I also have an ADK AP1, which is a pro level, standalone single channel mic preamp ( no digital i/o, strictly analog outs). It's a transformer-based preamp, and it allows me to swap out both input transformers and OP Amps; I like to use it when I'm looking for more color or "character".

The Presonus integrates nicely for this, because along with the 8 Class A mic pre's that it has, it also has several Line Inputs as well, ( and is nicely transparent and very clean and quiet) so I can use the XLR output of the ADK pre and send a line-level signal ( balanced TRS 1/4") to one of the the Line In's of the VSL. This is good - because I'm not forced to route the signal through an XLR/mic input, which would "re-amp" the signal. and defeat the purpose of using an external pre.
By routing the Line Out of the ADK to the Line In of the Presonus, because the input is already at line level, the gain on the Presonus stays all the way down... to the off position, so I'm essentially just using the Presonus for the ADDA.

I'm mentioning this, because at some point, you may decide to add a pro caliber single channel mic pre to your arsenal, and you'll need a way to get that pre's signal into your DAW (unless you choose a model with built in i/0) Or, unless you also have a standalone ADDA system, or an internal conversion card in your computer. But, many "affordable" high end preamps don't come with digital i/0, so you will need an i/o that gives you Line Inputs to be able to get the preamp's signal into your computer/DAW.

The Presonus isn't the only choice out there. There are many good preamp/i-o's on the market these days, most with very good specs, sufficient gain, and that are clean and quiet.... which will work well as long as you don't push them too hard - this is where most "budget level" preamps tend to show their price-vs-quality ratio; you can't push them the same way you can push/drive more expensive/pro preamps.

I suppose that I could confidently recommend the VSL, because I use one myself. But, Focusrite also makes very good lower-priced models as well. Both, IMO, are far better than any similarly-priced Tascam model I've ever had any personal experience with.

But again, I know nothing about the newer Tascam model that you've mentioned. For all I know, they've turned around their reputation for poor builds. Yet, even if that's true, I still think that 55db is too shy, and limits you unnecessarily, especially when there are other models out there for not much more money that will perform better, sound better, and are of higher quality all the way around.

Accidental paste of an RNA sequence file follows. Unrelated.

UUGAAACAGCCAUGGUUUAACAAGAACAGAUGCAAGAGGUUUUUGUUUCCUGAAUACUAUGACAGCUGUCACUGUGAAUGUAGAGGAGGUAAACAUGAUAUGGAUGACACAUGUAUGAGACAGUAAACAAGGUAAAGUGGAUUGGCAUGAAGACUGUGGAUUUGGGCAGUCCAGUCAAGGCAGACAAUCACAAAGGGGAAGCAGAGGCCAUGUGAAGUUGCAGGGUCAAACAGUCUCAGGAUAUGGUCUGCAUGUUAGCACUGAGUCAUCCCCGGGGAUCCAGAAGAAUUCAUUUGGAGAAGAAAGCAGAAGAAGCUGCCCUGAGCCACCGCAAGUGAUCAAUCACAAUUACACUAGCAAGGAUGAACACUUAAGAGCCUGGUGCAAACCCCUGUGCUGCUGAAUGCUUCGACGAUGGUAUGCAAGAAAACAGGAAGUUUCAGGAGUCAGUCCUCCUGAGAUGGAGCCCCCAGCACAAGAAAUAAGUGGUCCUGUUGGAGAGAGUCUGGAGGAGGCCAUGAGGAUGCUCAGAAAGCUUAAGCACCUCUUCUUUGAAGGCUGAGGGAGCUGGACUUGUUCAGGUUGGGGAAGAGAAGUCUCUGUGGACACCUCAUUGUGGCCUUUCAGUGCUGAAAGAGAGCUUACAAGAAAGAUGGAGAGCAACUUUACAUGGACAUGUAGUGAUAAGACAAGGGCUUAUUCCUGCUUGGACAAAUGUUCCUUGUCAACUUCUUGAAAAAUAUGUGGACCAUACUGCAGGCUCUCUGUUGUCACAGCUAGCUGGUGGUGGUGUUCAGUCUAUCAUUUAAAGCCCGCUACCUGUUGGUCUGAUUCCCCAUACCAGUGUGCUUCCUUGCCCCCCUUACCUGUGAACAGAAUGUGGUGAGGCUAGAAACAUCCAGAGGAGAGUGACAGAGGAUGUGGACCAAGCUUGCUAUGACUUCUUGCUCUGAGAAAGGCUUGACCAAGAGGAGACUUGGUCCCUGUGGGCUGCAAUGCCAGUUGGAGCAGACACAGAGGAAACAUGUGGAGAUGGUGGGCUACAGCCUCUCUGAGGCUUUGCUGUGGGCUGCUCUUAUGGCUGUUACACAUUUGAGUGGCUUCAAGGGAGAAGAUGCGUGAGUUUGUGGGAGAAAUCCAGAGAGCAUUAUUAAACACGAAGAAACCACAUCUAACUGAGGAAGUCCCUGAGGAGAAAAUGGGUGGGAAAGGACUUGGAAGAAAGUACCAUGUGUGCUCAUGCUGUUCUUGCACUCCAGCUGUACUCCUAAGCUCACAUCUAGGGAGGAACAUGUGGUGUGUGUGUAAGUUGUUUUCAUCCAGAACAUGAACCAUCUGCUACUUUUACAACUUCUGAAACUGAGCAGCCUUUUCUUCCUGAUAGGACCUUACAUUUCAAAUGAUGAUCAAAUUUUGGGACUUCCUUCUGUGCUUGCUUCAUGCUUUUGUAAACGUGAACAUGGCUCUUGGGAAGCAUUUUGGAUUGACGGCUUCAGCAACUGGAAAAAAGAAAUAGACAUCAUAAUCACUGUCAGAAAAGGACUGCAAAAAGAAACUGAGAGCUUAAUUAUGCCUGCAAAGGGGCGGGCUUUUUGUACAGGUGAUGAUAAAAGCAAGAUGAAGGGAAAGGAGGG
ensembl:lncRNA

Sean G Tue, 10/06/2015 - 14:56

I have to agree with Donny on the Presonus 1818VSL...(y)
The bonus software mixer that comes standard with its built-in effects and Fat Channel gave it the edge over the Focusrite when it came to me deciding over the two.
Seemed a no-brainer to me for that added feature alone for the pricepoint that these two interfaces sit in.

DonnyThompson Tue, 10/06/2015 - 19:00

To be clear here, guys - I'm not inferring or suggesting that the Presonus VSL is considered to be - or even should be considered - a "pro" spec preamp.

It is a solid, good sounding pre for the money, with plenty of ins, outs, digital and midi connections to make it very flexible... It is a solid model for what you are paying, infinitely better than anything by Tascam I've ever used in digital recording, and, would be a great i/o if you had a limited budget of around $500; probably the best in its price class.

But it's not a Millennia, Grass Valley, SPL, Neve , or SSL, etc.

Unlike Sean, I don't really care much about the included Fat Channel or FX; rarely do I print with processing anyway, so that's not a deal-breaker for me. My own criteria was strictly sound quality/gain/i-o features (including midi) - and the ability to connect 8 mics at once, as well as having 8 outputs to work with, should the need arise. Essentially, the VSL1818 is an 8 channel rack mount version of the StudioLive Console. It's a very flexible, good sounding multi-channel mic pre/i-o for the price.

But's not like it's going to be the top choice of pro caliber rooms, who's budgets usually allow for preamps that commonly price out at an average of $1000-$2000... per channel. ;)